In the Eastern Cape we have Birbury farm and in the Free State we have Oatlands, Diamond and Kalkput farms amounting just over 2 600 hectares at the cost of R 36 million.

In the 2016/2017 financial year the following were finalised: Klein Monden Rivier in the Eastern Cape, Westcliff in KwaZulu-Natal, Dabchick in Limpopo, Stars Away, Tweefontein 58, Willowpark 41, Olivenbult 61 and Stinkhoutboom 43 in North West and Solms Delta in the Western Cape  amounting to over 8 252 Hectares at the value of R 56 million.

The department has targeted to acquire 18 farms for the people living and working the land under the Strengthening Relative Rights Policy (50/50) in the Annual Performance Plan (APP) of 2017/2018. We will invest R525m to support this programme.

In addition we will acquire 96 165 hectares of land at a value of R422 million to address inequalities in land ownership patterns of the country.

Recapitalisation and Development

There are approximately 1 496 farms under the recapitalisation and development programme since 2009. This constitutes 1 421 846 million hectares amounting to a total investment of R 4 billion. 651 strategic partnerships have been entered into to provide technical, financial and Infrastructure support to farmers.

In line with the job targets set in the National Development Plan (NDP) of creating 1 million Jobs in the Agricultural Sector, this investment translated into the creation of approximately 7 731 jobs of which more than 3 300 are women as well as training of 2 937 farmers of which more than 1 300 are women.

Restitution

The Commission has exceeded most of its annual performance targets during the financial year 2016/17.

The Commission on Restitution of Land Rights – has settled 804 land claims last year and finalized 672 claims.

There were 1530 claims targeted for research during the last financial year. However, the Commission exceeded this figure and researched 1558 claims.

The Commission has committed to concluding research on all claims received before the 1998 cut-off date by June 2017.

It is exciting to note that the Commission which is on the cusp of autonomy has achieved a clean audit in its financial management.

Some of our restitution projects have attained international stature where their produce competes amongst the best in the world.

The Ravele restitution projects in Limpopo churns out R10 million annual turnover with monotonous regularity, while the Nkanini restitution project in KZN is training unemployed youth with matric qualification in sugarcane production.

The Matsafeni restitution project in Mpumalanga is renowned for exporting fruit to far places such as Russia.

All three have succeeded in driving away the frontiers of poverty among their communities by providing jobs and skills for their people.

Honorable members:

Despite our successes we are aware that there are some communities whose claims were submitted before the 1998 cut-off date which have not been resolved yet; we are coming to those areas. Tomorrow the Commission and I will be in Lawaaikamp in George at a ceremony that marks the final stage in the settlement of the claim.

I am also delighted to have in the gallery 87 year old Mr Pakamisa Edwin Mdala from kwa-Khiba in Herschel. He is one of the two people that submitted the claim in 1998.

The kwa-Khiba/Skhisazana claim was finalized last month.

“Siyabulela tat’uRhadebe ngendima oyidlalileyo kwisikhokhelo sakwa Khiba & Skhisazana”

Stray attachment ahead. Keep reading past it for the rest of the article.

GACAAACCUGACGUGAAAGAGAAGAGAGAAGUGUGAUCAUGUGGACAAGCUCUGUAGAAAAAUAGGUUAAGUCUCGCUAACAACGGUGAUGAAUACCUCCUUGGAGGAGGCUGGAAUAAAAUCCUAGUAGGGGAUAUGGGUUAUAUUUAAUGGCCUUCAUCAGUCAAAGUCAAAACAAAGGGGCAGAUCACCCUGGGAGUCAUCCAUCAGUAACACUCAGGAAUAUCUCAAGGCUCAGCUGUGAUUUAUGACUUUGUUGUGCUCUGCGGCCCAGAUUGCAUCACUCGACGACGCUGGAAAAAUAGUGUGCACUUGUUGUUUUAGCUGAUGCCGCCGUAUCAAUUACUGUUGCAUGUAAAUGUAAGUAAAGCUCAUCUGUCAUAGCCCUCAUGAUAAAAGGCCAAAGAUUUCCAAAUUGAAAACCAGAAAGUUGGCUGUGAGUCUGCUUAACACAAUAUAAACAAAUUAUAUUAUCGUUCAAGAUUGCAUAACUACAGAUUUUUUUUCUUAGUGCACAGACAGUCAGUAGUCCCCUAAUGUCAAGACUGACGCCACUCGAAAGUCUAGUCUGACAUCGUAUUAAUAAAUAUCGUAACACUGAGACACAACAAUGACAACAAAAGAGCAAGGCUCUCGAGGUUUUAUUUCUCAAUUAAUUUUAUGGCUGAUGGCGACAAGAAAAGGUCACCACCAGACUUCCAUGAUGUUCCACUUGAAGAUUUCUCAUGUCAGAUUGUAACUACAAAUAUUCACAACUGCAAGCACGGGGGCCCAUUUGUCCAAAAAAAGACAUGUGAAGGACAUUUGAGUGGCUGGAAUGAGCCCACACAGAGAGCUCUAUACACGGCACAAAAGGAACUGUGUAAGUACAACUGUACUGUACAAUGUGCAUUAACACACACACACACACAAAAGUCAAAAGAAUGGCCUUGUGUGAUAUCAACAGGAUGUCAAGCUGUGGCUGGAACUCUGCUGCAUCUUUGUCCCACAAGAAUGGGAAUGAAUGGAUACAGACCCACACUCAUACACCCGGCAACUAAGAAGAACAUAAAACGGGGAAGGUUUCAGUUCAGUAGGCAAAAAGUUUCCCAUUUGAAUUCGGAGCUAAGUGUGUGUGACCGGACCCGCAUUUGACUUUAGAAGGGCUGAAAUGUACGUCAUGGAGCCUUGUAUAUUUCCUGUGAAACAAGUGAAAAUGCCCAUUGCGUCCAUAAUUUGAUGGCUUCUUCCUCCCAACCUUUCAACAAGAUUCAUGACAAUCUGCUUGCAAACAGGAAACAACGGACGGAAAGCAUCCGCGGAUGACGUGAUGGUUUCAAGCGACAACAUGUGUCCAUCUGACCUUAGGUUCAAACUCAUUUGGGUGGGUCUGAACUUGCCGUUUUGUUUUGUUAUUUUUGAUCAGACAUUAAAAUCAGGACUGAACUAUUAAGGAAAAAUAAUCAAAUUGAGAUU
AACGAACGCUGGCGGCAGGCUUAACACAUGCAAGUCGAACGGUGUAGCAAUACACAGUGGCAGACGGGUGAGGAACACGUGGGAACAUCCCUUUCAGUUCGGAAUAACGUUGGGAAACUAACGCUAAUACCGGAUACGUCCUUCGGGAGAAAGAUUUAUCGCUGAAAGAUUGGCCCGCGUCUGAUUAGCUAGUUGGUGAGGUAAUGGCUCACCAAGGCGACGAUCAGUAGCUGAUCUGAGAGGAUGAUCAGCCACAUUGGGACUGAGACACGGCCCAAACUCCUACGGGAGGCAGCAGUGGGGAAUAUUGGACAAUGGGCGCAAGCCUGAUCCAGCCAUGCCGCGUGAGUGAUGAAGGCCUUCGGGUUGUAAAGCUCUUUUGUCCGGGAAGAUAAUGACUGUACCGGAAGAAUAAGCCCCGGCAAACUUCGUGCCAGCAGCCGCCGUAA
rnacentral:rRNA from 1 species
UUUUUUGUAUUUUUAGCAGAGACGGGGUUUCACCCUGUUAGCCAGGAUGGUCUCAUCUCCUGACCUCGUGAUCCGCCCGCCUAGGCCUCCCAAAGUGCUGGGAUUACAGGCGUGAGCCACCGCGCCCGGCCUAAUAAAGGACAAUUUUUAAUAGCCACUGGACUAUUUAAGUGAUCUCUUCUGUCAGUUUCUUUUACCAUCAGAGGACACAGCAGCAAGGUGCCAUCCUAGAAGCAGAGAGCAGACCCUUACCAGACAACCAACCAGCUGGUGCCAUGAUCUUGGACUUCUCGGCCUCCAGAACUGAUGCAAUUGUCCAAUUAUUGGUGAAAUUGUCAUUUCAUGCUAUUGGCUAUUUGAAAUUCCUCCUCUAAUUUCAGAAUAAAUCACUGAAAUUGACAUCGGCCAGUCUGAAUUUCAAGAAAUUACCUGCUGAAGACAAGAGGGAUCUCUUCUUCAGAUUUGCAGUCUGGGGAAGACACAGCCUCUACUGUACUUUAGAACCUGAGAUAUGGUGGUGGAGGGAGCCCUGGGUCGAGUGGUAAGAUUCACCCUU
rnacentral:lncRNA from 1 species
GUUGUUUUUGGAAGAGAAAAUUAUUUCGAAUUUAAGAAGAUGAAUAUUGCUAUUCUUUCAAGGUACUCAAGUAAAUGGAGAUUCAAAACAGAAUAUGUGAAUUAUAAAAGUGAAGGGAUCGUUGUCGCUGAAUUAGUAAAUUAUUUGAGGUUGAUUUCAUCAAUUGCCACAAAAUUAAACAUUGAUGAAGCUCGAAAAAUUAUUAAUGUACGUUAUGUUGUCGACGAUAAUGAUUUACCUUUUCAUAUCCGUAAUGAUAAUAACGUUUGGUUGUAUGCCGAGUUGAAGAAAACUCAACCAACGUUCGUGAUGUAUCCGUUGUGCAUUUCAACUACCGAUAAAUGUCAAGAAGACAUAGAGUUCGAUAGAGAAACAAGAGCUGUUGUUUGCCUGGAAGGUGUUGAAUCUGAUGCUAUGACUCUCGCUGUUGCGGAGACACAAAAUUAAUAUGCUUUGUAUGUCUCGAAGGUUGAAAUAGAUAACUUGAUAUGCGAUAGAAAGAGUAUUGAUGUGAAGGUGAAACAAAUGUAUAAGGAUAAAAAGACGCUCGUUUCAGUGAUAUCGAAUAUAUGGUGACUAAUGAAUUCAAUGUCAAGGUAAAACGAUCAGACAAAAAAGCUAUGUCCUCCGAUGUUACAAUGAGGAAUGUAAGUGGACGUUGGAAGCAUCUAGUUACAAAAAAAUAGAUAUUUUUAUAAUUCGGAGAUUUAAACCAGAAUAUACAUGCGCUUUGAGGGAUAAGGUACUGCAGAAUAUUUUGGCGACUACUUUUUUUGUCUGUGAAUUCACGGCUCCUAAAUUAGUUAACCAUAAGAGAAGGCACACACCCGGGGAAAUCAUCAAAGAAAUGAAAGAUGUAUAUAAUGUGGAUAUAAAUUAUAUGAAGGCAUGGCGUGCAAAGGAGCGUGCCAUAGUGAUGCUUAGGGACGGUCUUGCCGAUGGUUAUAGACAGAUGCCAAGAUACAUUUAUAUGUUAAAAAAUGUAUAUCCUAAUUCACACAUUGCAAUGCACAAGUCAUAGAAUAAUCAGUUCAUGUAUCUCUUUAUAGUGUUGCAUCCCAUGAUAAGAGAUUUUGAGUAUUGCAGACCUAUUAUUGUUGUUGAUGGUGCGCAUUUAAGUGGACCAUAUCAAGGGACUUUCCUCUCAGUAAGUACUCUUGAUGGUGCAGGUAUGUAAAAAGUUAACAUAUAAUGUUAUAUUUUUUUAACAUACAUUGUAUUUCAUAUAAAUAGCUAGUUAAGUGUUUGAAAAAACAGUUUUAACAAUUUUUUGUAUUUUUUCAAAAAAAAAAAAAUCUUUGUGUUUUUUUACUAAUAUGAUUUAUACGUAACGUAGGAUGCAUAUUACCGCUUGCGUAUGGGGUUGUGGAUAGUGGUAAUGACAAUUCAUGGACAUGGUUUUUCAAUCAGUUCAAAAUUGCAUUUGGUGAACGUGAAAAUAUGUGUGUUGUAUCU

Land Tenure and Administration

This programme has its origins from s25(6) of the Constitution, which entitles any person or community whose  tenure of land is legally insecure as a result of past racially discriminatory laws or practices, to tenure which is legally secure or to comparable redress.

The geographical areas of focus in this regard are commercial farming areas as well as communal areas.

In recognition of the existence of some forms of tenure insecurity in communal areas, a policy was developed. A massive consultation process has been undertaken. Such rights may never be taken away and shall devolve from generation to generation.  The said draft law will be taken through the Cabinet process and tabled to Parliament in this calendar year.

In the past financial year the Department has approved several parcels of land for disposal through long term lease or outright disposal for development of human settlements and commercial development.  These types of initiatives will contribute to increased investment in rural areas and assist in dealing with the backlogs in basic service access.

In this financial year the Department will continue to deal with the vesting of State Land parcels to ensure that development can continue and thereby addressing land administration challenges created through the Apartheid system.

Farm Workers and Labour Tenants

In the financial year 2017/18 the Department will invest an amount of R112 million in the acquisition of land for farm dwellers and labour tenants in order to entrench their security of tenure.

The Department has also established Labour Tenants/Farm-dweller Forums at national, province and district as a prelude to the proposed Land Rights Management Committees envisaged in the ESTA amendment Bill which is still being processed.

These structures will help with both the monitoring of evictions and the facilitation of interventions by various stakeholders that comprise the Land Rights/Eviction Stakeholders Forum.

To ensure dedicated capacity to the task of settling labour tenants claims we have appointed a Project Manager to manage the settlement of the labour tenant applications.  In the MTEF the Department plans to settle 1 434 labour tenant claims and allocate at least 9 600 hectares of land to labour tenants and farm dwellers. We have instructed the Department to urgently settle all labour tenant claims, other than those that will be referred to the Courts.

Communal Property Institutions

The introduction of a land reform programme created the possibility for communities and larger groups of persons to control land on a communal basis. This necessitated the passing of the Communal Property Association Act, 1996 (CPA Act).